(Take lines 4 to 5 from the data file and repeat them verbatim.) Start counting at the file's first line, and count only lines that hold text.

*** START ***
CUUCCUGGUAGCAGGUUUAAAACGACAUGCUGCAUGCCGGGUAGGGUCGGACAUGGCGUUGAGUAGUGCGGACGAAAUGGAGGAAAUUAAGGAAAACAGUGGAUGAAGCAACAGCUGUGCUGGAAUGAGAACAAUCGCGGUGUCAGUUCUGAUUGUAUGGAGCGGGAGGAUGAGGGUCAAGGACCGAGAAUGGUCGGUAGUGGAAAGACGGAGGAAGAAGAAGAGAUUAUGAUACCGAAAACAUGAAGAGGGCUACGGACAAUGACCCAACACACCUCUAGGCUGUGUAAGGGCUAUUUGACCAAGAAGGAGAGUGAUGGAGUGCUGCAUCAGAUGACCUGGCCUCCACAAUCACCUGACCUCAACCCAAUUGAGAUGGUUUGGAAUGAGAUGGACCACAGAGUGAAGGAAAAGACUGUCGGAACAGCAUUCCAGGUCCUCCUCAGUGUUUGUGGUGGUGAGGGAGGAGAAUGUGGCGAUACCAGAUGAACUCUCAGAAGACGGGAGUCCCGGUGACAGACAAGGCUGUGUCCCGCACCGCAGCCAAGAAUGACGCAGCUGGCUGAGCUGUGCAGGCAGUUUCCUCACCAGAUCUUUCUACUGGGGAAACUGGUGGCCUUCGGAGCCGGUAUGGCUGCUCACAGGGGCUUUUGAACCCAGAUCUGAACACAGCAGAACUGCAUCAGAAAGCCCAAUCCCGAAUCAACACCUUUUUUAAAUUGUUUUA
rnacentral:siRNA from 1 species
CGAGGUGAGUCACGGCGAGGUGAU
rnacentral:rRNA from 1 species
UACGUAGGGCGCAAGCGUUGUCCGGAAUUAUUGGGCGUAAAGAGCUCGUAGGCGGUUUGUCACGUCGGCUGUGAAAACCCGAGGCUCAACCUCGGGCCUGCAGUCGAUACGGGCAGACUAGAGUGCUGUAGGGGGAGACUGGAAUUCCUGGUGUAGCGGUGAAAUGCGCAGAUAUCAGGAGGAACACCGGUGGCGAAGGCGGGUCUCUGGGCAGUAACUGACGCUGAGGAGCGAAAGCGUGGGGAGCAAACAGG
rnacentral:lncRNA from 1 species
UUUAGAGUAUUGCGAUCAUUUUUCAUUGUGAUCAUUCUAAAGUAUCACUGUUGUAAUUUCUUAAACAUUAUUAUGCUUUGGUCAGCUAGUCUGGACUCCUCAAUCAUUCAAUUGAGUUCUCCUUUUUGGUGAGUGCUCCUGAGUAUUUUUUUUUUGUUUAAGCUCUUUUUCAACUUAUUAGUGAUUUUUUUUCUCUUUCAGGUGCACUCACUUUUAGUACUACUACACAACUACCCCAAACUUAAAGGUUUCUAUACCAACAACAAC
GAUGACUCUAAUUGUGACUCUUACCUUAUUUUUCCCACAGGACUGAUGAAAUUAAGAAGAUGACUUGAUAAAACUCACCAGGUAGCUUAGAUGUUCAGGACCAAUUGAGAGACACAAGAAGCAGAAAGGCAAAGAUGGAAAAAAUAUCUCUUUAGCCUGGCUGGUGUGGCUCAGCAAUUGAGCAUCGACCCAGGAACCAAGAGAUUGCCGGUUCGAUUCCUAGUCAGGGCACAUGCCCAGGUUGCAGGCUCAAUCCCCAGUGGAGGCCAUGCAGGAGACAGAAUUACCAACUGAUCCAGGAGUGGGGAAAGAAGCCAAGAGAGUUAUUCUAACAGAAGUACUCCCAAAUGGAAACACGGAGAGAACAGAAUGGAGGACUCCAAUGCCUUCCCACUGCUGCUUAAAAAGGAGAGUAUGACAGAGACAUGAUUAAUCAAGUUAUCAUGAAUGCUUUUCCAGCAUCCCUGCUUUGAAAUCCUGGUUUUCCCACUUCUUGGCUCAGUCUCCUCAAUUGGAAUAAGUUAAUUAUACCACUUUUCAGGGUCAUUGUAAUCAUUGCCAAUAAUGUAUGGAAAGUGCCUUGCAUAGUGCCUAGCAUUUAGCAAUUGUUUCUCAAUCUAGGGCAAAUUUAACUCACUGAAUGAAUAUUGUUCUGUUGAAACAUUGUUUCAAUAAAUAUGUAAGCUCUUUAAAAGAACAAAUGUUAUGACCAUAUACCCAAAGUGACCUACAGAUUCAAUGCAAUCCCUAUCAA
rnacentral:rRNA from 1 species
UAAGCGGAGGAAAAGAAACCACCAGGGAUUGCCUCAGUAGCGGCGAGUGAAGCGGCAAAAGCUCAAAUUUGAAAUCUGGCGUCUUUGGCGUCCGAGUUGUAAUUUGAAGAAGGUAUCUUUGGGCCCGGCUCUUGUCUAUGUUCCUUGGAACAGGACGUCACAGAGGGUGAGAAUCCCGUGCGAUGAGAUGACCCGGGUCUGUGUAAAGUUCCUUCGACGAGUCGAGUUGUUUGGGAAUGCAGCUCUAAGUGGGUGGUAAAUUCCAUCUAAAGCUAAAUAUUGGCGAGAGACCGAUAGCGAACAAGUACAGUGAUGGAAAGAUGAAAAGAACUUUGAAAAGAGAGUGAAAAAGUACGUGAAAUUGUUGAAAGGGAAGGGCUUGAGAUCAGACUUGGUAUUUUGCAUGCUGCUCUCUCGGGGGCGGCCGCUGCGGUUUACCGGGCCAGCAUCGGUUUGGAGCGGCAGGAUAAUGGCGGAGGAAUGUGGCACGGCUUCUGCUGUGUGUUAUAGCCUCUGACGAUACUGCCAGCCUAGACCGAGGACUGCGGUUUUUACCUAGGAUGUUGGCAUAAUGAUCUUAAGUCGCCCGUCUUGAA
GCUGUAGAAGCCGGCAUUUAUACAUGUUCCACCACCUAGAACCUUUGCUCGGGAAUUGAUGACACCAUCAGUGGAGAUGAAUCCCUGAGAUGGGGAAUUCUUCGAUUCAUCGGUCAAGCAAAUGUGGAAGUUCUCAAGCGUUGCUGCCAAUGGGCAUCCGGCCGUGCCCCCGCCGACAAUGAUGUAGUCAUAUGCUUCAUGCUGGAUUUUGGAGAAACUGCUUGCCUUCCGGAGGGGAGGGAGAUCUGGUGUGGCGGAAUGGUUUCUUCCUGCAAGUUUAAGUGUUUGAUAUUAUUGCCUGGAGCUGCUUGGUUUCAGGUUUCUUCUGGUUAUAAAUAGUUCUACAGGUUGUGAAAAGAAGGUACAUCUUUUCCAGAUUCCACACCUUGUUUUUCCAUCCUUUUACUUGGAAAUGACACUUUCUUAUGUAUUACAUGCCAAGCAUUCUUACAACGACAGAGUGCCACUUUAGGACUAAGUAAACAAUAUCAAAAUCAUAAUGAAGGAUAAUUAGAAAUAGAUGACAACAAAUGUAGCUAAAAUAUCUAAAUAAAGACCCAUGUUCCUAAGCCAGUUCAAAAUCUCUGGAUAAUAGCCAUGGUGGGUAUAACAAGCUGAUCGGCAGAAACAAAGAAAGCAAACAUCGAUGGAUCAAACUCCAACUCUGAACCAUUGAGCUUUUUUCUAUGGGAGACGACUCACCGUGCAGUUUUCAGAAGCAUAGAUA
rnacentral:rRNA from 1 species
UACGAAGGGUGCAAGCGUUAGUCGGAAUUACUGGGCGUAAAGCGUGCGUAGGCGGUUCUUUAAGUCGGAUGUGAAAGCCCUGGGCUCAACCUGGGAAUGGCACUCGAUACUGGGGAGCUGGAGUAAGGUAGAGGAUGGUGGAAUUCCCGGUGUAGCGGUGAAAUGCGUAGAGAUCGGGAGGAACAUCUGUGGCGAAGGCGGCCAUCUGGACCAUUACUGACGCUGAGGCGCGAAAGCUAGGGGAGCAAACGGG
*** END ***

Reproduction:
rnacentral:rRNA from 1 species
UACGUAGGGCGCAAGCGUUGUCCGGAAUUAUUGGGCGUAAAGAGCUCGUAGGCGGUUUGUCACGUCGGCUGUGAAAACCCGAGGCUCAACCUCGGGCCUGCAGUCGAUACGGGCAGACUAGAGUGCUGUAGGGGGAGACUGGAAUUCCUGGUGUAGCGGUGAAAUGCGCAGAUAUCAGGAGGAACACCGGUGGCGAAGGCGGGUCUCUGGGCAGUAACUGACGCUGAGGAGCGAAAGCGUGGGGAGCAAACAGG